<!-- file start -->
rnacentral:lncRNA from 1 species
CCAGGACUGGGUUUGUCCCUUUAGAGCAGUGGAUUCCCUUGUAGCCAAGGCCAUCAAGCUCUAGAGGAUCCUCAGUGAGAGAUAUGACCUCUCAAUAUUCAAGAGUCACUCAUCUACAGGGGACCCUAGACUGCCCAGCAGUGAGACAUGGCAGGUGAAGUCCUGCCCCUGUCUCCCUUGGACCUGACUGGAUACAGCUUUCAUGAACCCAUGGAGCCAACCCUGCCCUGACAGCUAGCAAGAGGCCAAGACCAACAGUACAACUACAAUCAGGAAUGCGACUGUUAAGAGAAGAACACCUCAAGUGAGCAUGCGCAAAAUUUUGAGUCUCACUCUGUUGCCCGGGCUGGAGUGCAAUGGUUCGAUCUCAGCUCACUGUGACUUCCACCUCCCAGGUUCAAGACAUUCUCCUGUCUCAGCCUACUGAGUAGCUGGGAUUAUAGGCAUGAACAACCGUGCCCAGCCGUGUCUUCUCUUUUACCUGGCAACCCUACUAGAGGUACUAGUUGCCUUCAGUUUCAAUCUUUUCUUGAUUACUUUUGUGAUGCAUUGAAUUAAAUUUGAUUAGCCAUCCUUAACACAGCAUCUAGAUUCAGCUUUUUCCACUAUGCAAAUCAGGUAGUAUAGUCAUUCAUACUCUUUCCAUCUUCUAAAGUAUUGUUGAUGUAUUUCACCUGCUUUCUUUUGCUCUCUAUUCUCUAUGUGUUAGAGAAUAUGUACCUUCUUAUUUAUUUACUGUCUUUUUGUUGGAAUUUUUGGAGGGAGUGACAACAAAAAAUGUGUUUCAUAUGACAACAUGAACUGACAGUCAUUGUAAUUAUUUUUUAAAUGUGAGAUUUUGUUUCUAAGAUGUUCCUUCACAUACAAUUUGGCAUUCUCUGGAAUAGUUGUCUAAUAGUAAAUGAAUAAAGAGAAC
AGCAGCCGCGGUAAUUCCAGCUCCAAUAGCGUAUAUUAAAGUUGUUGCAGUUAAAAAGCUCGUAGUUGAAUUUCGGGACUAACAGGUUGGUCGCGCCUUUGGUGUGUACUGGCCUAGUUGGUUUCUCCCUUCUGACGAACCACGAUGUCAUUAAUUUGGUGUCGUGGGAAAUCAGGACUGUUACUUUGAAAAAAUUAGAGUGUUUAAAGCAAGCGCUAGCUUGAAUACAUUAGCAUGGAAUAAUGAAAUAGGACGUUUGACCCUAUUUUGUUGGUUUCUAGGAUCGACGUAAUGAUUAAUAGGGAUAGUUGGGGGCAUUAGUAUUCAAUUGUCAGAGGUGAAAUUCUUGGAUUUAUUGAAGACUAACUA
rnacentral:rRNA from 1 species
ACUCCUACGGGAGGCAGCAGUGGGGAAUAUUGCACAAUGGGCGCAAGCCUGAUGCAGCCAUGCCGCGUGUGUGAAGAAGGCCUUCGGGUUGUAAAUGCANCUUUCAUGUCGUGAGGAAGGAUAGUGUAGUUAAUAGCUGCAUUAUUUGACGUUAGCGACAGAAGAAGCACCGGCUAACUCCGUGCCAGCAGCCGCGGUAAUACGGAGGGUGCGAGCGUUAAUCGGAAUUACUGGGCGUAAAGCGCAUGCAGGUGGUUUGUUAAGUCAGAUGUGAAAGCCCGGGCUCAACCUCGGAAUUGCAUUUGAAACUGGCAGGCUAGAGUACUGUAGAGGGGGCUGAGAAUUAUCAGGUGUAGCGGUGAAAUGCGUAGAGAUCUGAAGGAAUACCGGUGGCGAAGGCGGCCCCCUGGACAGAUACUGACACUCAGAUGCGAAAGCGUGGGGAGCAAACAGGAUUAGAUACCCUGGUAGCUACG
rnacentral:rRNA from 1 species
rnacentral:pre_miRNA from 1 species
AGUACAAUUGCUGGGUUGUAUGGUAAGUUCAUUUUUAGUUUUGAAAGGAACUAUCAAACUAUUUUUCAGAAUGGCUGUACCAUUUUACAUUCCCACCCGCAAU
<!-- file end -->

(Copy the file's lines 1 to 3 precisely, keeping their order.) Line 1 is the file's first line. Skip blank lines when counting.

rnacentral:lncRNA from 1 species
CCAGGACUGGGUUUGUCCCUUUAGAGCAGUGGAUUCCCUUGUAGCCAAGGCCAUCAAGCUCUAGAGGAUCCUCAGUGAGAGAUAUGACCUCUCAAUAUUCAAGAGUCACUCAUCUACAGGGGACCCUAGACUGCCCAGCAGUGAGACAUGGCAGGUGAAGUCCUGCCCCUGUCUCCCUUGGACCUGACUGGAUACAGCUUUCAUGAACCCAUGGAGCCAACCCUGCCCUGACAGCUAGCAAGAGGCCAAGACCAACAGUACAACUACAAUCAGGAAUGCGACUGUUAAGAGAAGAACACCUCAAGUGAGCAUGCGCAAAAUUUUGAGUCUCACUCUGUUGCCCGGGCUGGAGUGCAAUGGUUCGAUCUCAGCUCACUGUGACUUCCACCUCCCAGGUUCAAGACAUUCUCCUGUCUCAGCCUACUGAGUAGCUGGGAUUAUAGGCAUGAACAACCGUGCCCAGCCGUGUCUUCUCUUUUACCUGGCAACCCUACUAGAGGUACUAGUUGCCUUCAGUUUCAAUCUUUUCUUGAUUACUUUUGUGAUGCAUUGAAUUAAAUUUGAUUAGCCAUCCUUAACACAGCAUCUAGAUUCAGCUUUUUCCACUAUGCAAAUCAGGUAGUAUAGUCAUUCAUACUCUUUCCAUCUUCUAAAGUAUUGUUGAUGUAUUUCACCUGCUUUCUUUUGCUCUCUAUUCUCUAUGUGUUAGAGAAUAUGUACCUUCUUAUUUAUUUACUGUCUUUUUGUUGGAAUUUUUGGAGGGAGUGACAACAAAAAAUGUGUUUCAUAUGACAACAUGAACUGACAGUCAUUGUAAUUAUUUUUUAAAUGUGAGAUUUUGUUUCUAAGAUGUUCCUUCACAUACAAUUUGGCAUUCUCUGGAAUAGUUGUCUAAUAGUAAAUGAAUAAAGAGAAC
AGCAGCCGCGGUAAUUCCAGCUCCAAUAGCGUAUAUUAAAGUUGUUGCAGUUAAAAAGCUCGUAGUUGAAUUUCGGGACUAACAGGUUGGUCGCGCCUUUGGUGUGUACUGGCCUAGUUGGUUUCUCCCUUCUGACGAACCACGAUGUCAUUAAUUUGGUGUCGUGGGAAAUCAGGACUGUUACUUUGAAAAAAUUAGAGUGUUUAAAGCAAGCGCUAGCUUGAAUACAUUAGCAUGGAAUAAUGAAAUAGGACGUUUGACCCUAUUUUGUUGGUUUCUAGGAUCGACGUAAUGAUUAAUAGGGAUAGUUGGGGGCAUUAGUAUUCAAUUGUCAGAGGUGAAAUUCUUGGAUUUAUUGAAGACUAACUA